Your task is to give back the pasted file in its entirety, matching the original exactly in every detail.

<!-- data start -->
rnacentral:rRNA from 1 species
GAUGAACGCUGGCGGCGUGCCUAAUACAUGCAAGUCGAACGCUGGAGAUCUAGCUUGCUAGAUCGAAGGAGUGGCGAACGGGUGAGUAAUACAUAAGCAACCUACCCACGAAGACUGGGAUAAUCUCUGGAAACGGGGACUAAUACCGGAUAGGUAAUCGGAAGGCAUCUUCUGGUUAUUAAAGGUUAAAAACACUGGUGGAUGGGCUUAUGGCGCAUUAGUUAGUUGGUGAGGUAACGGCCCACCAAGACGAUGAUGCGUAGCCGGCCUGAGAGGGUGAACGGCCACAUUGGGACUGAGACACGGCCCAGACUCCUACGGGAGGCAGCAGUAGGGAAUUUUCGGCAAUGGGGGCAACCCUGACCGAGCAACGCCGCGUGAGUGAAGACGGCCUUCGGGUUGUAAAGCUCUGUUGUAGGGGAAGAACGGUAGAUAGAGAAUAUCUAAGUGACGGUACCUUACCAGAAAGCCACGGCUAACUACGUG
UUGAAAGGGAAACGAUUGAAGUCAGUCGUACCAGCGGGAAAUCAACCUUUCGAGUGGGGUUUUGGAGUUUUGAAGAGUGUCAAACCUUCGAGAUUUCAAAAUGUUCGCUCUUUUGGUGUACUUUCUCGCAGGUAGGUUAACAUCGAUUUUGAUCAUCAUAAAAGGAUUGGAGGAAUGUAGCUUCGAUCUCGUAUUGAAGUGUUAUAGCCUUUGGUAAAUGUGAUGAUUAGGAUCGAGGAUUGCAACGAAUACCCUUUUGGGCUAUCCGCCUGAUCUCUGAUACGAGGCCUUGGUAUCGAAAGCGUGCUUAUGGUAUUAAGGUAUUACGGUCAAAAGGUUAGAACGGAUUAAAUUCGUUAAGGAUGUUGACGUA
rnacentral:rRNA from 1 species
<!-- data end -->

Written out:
rnacentral:rRNA from 1 species
GAUGAACGCUGGCGGCGUGCCUAAUACAUGCAAGUCGAACGCUGGAGAUCUAGCUUGCUAGAUCGAAGGAGUGGCGAACGGGUGAGUAAUACAUAAGCAACCUACCCACGAAGACUGGGAUAAUCUCUGGAAACGGGGACUAAUACCGGAUAGGUAAUCGGAAGGCAUCUUCUGGUUAUUAAAGGUUAAAAACACUGGUGGAUGGGCUUAUGGCGCAUUAGUUAGUUGGUGAGGUAACGGCCCACCAAGACGAUGAUGCGUAGCCGGCCUGAGAGGGUGAACGGCCACAUUGGGACUGAGACACGGCCCAGACUCCUACGGGAGGCAGCAGUAGGGAAUUUUCGGCAAUGGGGGCAACCCUGACCGAGCAACGCCGCGUGAGUGAAGACGGCCUUCGGGUUGUAAAGCUCUGUUGUAGGGGAAGAACGGUAGAUAGAGAAUAUCUAAGUGACGGUACCUUACCAGAAAGCCACGGCUAACUACGUG
UUGAAAGGGAAACGAUUGAAGUCAGUCGUACCAGCGGGAAAUCAACCUUUCGAGUGGGGUUUUGGAGUUUUGAAGAGUGUCAAACCUUCGAGAUUUCAAAAUGUUCGCUCUUUUGGUGUACUUUCUCGCAGGUAGGUUAACAUCGAUUUUGAUCAUCAUAAAAGGAUUGGAGGAAUGUAGCUUCGAUCUCGUAUUGAAGUGUUAUAGCCUUUGGUAAAUGUGAUGAUUAGGAUCGAGGAUUGCAACGAAUACCCUUUUGGGCUAUCCGCCUGAUCUCUGAUACGAGGCCUUGGUAUCGAAAGCGUGCUUAUGGUAUUAAGGUAUUACGGUCAAAAGGUUAGAACGGAUUAAAUUCGUUAAGGAUGUUGACGUA
rnacentral:rRNA from 1 species